Do Go to Far Zamboanga

Zamboanga City vinta regatta (Photo by Bernard Supetran)

Mention Zamboanga City to baby boomers and immediately two iconic images come into mind–the Pasonanca Park Treehouse and the colorful vinta sailboat immortalized in textbooks and postcards.

In recent years, however, Zamboanga has become synonymous with the precarious situation in Mindanao. No thanks to news dispatches that use it as dateline, the city has acquired a strife-torn image. Add to these the periodic advisories issued by embassies against travel to the southern city.

In reality, the trouble is either across the sea in Basilan or Sulu, or several mountain ranges away in the Zamboanga provinces of del Norte, Sibugay and Del Sur. Despite these negative impressions, the city is a lively getaway that is somewhat shrouded in mystery and awaits discovery.

The weavers at the Yakan Village (Photo by Bernard Supetran)

Zamboanga until the 1990s was known as the “City of Flowers” because of the flower gardens that lined its major thoroughfares. In a strategic branding shift, it has assumed the moniker “Asia’s Latin City” owing to the deep Hispanic influence in its urban landscape and way of life.

Its Iberian-influenced mother tongue–Chavacano–a unique blend of Spanish, Visayan and local languages, is regarded by Zamboangueños as their crown cultural jewel. But the Spanish influence doesn’t begin and end there. In fact, the city has put in place a heritage code to help preserve its Old World charm even as it undergoes urban renewal. It is restoring colonial-era structures, identifying and preserving hundred-year-old trees and has imposed a building ordinance requiring new structures to conform to ethnic or Spanish themes.

The once-shabby public plaza was recently spruced-up, and a dancing fountain was installed as part of the city’s urban renewal.

The city takes pride in historic edifices such as the 105-year-old City Hall, and Fort Pilar, one of the country’s biggest fortresses, which houses the National Museum. The Fort’s outer wall serves as the Shrine of the Our Lady at the Pillar believed to have protected the city from Moro raids during the Spanish reign. New structures erected under the building code are the Centro Latino, the city’s civic center, and the Archive Building, which serves as a repository of Zamboanga’s history.

Plaza Pershing (Photo by Bernard Supetran)

In the heart of the pueblo or town center is Plaza Pershing, named after Gen. John “Black Jack” Pershing, the American governor of the U.S.-era Moro Province. The once-shabby public plaza was recently spruced-up, and a dancing fountain was installed as part of the city’s urban renewal.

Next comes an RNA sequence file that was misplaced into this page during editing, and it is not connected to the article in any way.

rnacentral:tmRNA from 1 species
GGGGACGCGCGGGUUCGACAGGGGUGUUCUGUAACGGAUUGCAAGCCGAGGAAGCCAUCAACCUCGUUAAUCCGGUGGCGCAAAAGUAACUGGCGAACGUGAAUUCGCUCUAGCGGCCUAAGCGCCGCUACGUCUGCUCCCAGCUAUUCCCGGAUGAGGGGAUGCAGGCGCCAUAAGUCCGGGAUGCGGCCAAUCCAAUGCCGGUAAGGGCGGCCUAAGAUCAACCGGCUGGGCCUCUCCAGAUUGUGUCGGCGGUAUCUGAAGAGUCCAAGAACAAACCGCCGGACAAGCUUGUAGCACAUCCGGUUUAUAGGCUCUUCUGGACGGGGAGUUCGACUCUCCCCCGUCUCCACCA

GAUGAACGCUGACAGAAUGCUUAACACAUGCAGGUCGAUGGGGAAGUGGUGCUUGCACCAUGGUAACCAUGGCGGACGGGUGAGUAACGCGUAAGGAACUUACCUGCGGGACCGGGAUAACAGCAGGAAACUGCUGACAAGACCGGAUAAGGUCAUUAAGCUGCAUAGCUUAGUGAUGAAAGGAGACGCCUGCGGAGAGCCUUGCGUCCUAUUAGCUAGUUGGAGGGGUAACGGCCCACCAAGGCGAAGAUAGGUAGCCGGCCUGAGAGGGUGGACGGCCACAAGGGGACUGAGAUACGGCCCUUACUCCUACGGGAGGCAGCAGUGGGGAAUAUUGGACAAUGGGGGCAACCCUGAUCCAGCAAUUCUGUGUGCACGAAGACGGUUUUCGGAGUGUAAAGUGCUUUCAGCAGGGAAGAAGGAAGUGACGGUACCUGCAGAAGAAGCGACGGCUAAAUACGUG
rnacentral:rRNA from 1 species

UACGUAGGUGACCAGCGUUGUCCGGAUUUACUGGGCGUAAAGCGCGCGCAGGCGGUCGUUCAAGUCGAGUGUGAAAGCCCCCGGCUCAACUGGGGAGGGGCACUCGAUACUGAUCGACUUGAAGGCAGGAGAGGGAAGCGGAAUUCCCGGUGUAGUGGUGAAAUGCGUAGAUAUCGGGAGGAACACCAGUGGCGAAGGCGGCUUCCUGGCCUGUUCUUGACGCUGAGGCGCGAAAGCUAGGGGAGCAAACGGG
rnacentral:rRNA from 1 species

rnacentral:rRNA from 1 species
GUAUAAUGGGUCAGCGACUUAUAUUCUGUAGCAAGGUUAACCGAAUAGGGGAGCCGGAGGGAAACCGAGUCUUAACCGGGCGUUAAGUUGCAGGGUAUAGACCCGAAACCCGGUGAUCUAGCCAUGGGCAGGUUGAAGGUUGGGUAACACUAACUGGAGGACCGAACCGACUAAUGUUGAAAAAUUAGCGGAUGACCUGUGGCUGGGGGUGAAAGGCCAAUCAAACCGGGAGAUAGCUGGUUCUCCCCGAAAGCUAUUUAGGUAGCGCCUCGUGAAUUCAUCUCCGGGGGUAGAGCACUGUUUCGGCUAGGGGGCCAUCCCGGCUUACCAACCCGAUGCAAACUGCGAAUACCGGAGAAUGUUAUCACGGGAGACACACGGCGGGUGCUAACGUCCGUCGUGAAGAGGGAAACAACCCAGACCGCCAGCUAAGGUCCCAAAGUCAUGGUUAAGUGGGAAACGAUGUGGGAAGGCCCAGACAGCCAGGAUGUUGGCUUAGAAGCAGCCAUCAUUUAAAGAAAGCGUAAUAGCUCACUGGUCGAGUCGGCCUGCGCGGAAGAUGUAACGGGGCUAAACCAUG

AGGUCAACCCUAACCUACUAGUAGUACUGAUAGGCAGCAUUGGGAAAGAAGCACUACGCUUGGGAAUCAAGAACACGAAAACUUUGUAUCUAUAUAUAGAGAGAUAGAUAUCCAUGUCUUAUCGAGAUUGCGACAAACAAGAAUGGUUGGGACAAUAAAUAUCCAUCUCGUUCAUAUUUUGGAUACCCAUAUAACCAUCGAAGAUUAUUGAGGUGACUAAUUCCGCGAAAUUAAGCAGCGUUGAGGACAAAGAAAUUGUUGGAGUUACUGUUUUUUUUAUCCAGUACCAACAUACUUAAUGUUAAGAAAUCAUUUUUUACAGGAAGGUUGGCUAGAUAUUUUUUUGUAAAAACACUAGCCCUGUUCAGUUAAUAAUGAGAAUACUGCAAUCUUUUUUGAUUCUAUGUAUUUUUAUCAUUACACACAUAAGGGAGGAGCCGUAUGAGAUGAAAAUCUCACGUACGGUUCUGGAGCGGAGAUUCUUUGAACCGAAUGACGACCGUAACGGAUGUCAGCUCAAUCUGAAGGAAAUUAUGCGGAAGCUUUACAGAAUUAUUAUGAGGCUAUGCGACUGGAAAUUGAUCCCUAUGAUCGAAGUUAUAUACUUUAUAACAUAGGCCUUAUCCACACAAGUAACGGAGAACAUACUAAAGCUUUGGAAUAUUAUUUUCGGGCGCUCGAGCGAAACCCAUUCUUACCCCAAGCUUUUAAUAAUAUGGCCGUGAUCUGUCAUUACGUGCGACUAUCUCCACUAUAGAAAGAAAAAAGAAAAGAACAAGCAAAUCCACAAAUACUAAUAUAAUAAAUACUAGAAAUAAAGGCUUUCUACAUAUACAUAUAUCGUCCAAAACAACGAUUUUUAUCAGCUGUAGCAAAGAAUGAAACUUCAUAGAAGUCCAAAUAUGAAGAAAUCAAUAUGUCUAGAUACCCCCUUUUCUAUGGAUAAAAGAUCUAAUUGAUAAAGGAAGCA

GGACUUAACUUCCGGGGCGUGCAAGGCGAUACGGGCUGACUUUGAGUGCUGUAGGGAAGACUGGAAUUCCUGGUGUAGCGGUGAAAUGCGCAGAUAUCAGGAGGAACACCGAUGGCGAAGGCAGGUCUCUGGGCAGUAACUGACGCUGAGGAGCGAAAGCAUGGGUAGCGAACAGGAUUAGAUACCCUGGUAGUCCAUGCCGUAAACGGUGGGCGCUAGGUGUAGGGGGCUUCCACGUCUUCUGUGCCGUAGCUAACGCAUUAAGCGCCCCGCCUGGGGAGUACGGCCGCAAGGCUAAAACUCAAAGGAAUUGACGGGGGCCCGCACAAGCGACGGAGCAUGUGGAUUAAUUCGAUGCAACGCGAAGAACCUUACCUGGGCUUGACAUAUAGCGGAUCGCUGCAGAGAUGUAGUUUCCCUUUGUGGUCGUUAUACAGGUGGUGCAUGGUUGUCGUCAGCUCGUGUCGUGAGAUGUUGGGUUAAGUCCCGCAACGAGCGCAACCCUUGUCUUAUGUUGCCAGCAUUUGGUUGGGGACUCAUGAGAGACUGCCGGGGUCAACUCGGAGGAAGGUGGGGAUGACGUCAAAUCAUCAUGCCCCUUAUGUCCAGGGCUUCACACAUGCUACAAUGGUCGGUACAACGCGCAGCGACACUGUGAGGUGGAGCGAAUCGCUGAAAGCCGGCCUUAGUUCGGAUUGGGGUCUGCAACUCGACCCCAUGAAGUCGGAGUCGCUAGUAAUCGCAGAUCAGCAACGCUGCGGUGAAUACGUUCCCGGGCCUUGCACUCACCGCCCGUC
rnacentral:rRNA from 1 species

A few hundred meters away is the Bank of the Philippine Islands Museum, which restored the house of the prominent Barrios family to its former glory. Pershing used it as his official residence; later, it housed the bank’s branch managers.

City Hall and Plaza Rizal (Photo by Bernard Supetran)

Zamboanga is also a wondrous water world. Off the mainland is Sta. Cruz Grande Island, sought-after for its stretch of powdery, coralline pink sand and crystal-clear water. Situated about 20 minutes away, the island is also ideal for snorkeling as its lush marine life is slowly coming back to life.

A new destination is the Merloquet Waterfalls, a favorite of visitors and photographers alike because of its amazing multi-tiered cascades and refreshing water. The one-hour journey to Merloquet is a visual treat in itself because of the undulating terrain of the Zamboanga Peninsula.

Those who have been fascinated by the colorful vinta can now ride this age-old Muslim sailboat every weekend at the Paseo del Mar for an exhilarating afternoon cruise.

The beach at Santa Cruz Grande Island (Photo by Bernard Supetran)

For a glimpse of Islamic culture, swing by the coastal village of Taluksangay, home to a majestic mosque, or the Yakan Village, which showcases the exquisitely woven crafts of this Basilan tribe.

Further up the city’s coast, wanderers can frolic in the Zamboanga Golf and Country Club greens, marvel at the delicate woodwork at San Ramon Penal Colony, chill out at Zamboanga Ecozone’s recreational facilities or at Bernardo’s Farm, the city’s emerging agritourism haven.

When the sun sets, the nocturnal colonies of Plaza del Pilar and Paseo del Mar come to life with the Latin beat of live bands performing Chavacano compositions. Diners can feast on local delights, most notably the luscious curacha or spanner crab at Alavar’s Restaurant, and wind down with the cool knickerbocker dessert at Palmera’s Garden.

Fort Pilar (Photo by Bernard Supetran)

Completing the experience is the favorite Filipino sport of bargain hunting and souvenir-shopping in the city’s traditional “barter centers.” Here, one can buy Muslim ethnic apparel and accessories, as well as Malaysian products bartered or traded in the backdoor state of Sabah.

And after indulging in Zamboanga’s culture, nature and cuisine, you will realize that danger is just a state of mind.

How to get to Zamboanga

Zamboanga City can be reached via direct daily flights from Manila or Cebu via Cebu Pacific Air or Pal Express.

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Bernard L. Supetran

Bernard L. Supetran

Bernard L. Supetran is a tourism consultant and editor of EZ Maps, which makes tourist maps of the Philippines’ top travel destinations.